Sea and rock salt regulates a horse’s body fluids and is a good source of minerals. I try and point out to all my customers how important it is to use loose sea or rock salt. However, sometimes I do forget, so I'm shouting it out here. Even when I think I have pointed it out in black and white, sometimes I'll pop my head in a stable and I see a dreaded salt block.
WARNING, Salt licks are not good for our horses even the natural blocks are a problem. Salt licks were originally made for cows. Where a cow has a rough tongue and will get enough salt out of them however, horses have smooth tongues and they can not. A horse's mineral and salt needs change with the weather and their workload, and deficiencies are linked to many diseases. Most equine diets don’t have the right mineral balance or enough salt and mineral and salt blocks aren’t enough because a horse can’t chew at them to get out the right amounts. When you see a horse chewing at a block, cribbing or wood biting chances are they aren’t getting enough salt or have a mineral deficiency.
Sodium and chloride are combined to make salt and there isn’t enough in horse feeds to meet a horse’s minimum requirements. A forage based diet should provide a maintenance level of sodium, unlike most feeds. Also, feed companies are more likely to use table salt, a terrible product that is stripped of its minerals and that goes for the white salt blocks as well. Sodium (Na) has a similar function as potassium but is more important for horses that work hard or sweat a lot. A performance horse needs to self-maintain their Sodium levels with loose sea or rock salt and is essential to the health of this type of horse. If you were wondering what Chloride is used for, it is a key ingredient of bile and is used to produce hydrochloric acid for digestion.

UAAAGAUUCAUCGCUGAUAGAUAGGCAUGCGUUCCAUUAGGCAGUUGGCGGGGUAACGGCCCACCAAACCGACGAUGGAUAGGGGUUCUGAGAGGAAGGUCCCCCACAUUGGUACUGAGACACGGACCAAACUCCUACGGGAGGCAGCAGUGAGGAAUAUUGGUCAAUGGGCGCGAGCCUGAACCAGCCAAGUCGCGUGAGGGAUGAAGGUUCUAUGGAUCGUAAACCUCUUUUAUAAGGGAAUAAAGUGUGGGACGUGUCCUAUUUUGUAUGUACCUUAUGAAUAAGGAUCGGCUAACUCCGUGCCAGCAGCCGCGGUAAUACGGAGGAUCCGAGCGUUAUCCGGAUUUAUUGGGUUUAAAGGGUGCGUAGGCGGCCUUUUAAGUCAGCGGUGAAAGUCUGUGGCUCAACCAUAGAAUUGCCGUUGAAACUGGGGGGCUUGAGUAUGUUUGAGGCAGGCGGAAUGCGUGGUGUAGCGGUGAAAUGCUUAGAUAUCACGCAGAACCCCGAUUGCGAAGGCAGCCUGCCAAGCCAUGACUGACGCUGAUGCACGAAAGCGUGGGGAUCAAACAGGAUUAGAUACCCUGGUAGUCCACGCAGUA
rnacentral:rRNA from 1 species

A day after I had this conversation with one of my clients who owns a performance horse she sent me this photo.